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  • Heresy, Literature, and Politics in Early Modern English Culture
  • Diarmaid MacCulloch
Heresy, Literature, and Politics in Early Modern English Culture. Edited by David Loewenstein and John Marshall. (New York: Cambridge University Press. 2006. Pp. x, 318. $90.00.)

This coherent and useful set of essays could be read with profit alongside Alexandra Walsham's recent Charitable Hatred: Tolerance and Intolerance in England, 1500–1700. Even in the unified Western Latin Church before the Reformation, it was difficult enough to define heresy, when there was no one agreed description of the miracle of the Mass, or when expounding the doctrine of apostolic poverty might provide evidence of sanctity or a reason for death at the stake. Once the Western Church fractured, matters became much more complicated—though for Catholics loyal to the Pope, they were simplified.

Charles V burned the first Protestants for heresy in 1523 before Protestantism had even been named. The first case-study here (from David Loewenstein) deals with one of the most remarkable English Protestant martyrs, Anne Askew, who walked out on her Catholic husband and whose heroically phlegmatic account of her tortures by leading courtiers of Henry VIII belies its contemporary male editor's characterization of her womanly frailty. Problems emerged for Protestant admirers of Askew's steadfastness, who immediately found that there were people that they would like to burn too. This uncomfortable realization necessitated much discussion of when such an extreme sanction against doctrinal variation might operate, and what should be done otherwise. Surprisingly rarely did Protestants accuse Catholics of heresy (as opposed to error, corruption, and a penchant for repression and cruelty), so Catholics figure little in these essays. English Reformers' anger and agonizing largely concerned those who took the Reformation too far. Carrie Euler deals with the first wave, mostly Dutch or German immigrants who brought with them a "Melchiorite" Christology so high that they insisted that the incarnate Christ had celestial and not earthly flesh; three Melchiorites are known to [End Page 159] have been burned in Edward VI's time (Euler has missed one of the three). Both Elizabeth I and James I burned others, though they are not much dealt with here. Instead we have two engrossing considerations of the Family of Love from Christopher Marsh and Peter Lake. The Familists, elitist mystics, sheltered comfortably within established churches wherever they lived, and Puritans were infuriated at being treated like traitors to the Church of England while the outrageously heretical Familists seemed to enjoy powerful protection right up as far as the Queen herself (historians are now arguing as to whether Elizabeth I had Familist sympathies).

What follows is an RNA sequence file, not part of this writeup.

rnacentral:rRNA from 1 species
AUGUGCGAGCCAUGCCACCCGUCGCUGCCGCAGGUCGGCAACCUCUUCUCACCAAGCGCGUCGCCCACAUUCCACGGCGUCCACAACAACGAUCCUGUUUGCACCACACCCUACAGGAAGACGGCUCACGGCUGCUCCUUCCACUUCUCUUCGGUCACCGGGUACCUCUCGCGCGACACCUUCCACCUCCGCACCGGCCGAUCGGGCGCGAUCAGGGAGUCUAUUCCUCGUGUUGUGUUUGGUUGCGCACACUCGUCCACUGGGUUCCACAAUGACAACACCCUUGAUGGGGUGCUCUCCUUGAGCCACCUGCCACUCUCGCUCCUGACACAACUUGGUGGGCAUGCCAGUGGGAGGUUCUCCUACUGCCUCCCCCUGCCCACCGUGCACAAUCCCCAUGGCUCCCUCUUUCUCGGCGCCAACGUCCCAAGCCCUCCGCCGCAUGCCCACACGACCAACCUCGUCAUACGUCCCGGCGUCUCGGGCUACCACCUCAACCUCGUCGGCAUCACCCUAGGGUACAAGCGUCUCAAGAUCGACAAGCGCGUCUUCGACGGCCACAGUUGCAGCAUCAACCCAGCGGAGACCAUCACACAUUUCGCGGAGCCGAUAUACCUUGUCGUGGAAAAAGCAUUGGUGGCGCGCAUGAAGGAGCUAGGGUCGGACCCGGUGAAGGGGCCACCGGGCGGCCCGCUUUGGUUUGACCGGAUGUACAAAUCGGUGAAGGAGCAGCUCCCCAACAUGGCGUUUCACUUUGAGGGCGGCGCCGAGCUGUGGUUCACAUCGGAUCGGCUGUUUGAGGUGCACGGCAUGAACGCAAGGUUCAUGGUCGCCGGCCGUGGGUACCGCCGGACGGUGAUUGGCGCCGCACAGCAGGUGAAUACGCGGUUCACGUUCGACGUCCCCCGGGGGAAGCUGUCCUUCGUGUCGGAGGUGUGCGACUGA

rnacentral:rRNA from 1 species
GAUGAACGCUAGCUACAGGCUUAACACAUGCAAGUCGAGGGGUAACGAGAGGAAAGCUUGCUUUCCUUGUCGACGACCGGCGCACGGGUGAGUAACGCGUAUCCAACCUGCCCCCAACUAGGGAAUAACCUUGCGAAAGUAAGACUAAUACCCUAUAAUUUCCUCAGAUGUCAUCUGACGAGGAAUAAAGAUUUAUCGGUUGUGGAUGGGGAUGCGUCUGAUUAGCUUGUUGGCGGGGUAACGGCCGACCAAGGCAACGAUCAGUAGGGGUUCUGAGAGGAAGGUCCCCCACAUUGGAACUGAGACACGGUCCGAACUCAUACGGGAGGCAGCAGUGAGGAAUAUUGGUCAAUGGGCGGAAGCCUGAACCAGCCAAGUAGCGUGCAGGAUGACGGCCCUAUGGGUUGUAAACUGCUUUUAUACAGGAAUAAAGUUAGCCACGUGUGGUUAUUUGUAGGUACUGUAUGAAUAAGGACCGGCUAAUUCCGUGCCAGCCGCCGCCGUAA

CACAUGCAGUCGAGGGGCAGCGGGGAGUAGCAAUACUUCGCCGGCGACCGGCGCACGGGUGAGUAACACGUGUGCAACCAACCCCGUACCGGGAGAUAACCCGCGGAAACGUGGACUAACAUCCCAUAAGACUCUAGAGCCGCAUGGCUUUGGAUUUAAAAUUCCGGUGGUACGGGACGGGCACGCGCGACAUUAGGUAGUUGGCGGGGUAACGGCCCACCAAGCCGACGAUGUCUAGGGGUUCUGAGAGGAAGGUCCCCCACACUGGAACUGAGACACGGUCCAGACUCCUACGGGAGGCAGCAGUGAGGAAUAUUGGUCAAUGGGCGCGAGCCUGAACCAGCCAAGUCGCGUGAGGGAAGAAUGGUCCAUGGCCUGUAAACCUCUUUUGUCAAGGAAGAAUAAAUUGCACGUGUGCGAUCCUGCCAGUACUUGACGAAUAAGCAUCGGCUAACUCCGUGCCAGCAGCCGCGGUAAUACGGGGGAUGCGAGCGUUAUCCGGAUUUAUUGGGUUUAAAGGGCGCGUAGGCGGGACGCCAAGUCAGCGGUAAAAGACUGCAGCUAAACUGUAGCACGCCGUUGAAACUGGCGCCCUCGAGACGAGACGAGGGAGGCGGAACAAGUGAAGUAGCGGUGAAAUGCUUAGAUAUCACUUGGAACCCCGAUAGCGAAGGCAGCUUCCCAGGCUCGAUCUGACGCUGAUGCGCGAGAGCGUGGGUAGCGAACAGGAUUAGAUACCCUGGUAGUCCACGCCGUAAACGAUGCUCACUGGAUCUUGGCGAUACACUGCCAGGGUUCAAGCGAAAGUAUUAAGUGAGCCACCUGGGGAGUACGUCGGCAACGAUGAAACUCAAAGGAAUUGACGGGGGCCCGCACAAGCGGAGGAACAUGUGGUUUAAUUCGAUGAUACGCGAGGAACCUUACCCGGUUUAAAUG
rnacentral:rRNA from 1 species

When the episcopal Church collapsed in the 1640s, problems of defining heresy multiplied: Presbyterians who had recently been persecuted wanted to deal harshly with innovating Christian groups, and were indeed responsible for brutally maltreating the exhibitionist Quaker James Nayler. John Coffey's essay is a brilliant exposition of this period, describing a split between "conservative" and "progressive" views of Reformation. Anne Hughes summarizes her recent book on Thomas Edwards's Presbyterian vademecum of heresy, Gangraena (1646). In the earlier parts of his sprawlingly sneering catalogue, Edwards made the mistake of describing each error without refuting it, rashly assuming his readers would automatically be shocked and alarmed.

Nigel Smith describes a new wave of anti-Trinitarian thought allied to Polish Socinianism, captained by the sometime don and schoolmaster John Biddle, who died for the cause in prison under Charles II—he especially outraged Puritans by coming from the heart of Puritanism rather than the more common link of Socinians with the already abominated Arminians. Smith and John Rogers both trace John Milton's creative extensions of Socinian themes in his writings.

Thomas N. Corns shows how Gerrard Winstanley's early religious writings developed heterodox themes which moved from theology to politics and to his Digger activism at St. George's Hill. Justin Champion deals with Thomas Hobbes's skeptical and secularizing analysis of religious truth, and notes that the Calvinist Thomas Barlow, Bishop of Lincoln, managed to combine high-minded rejection of executions for heresy—that was what cruel papists did—with a bleak determination to have Hobbes executed for blasphemy instead. John...


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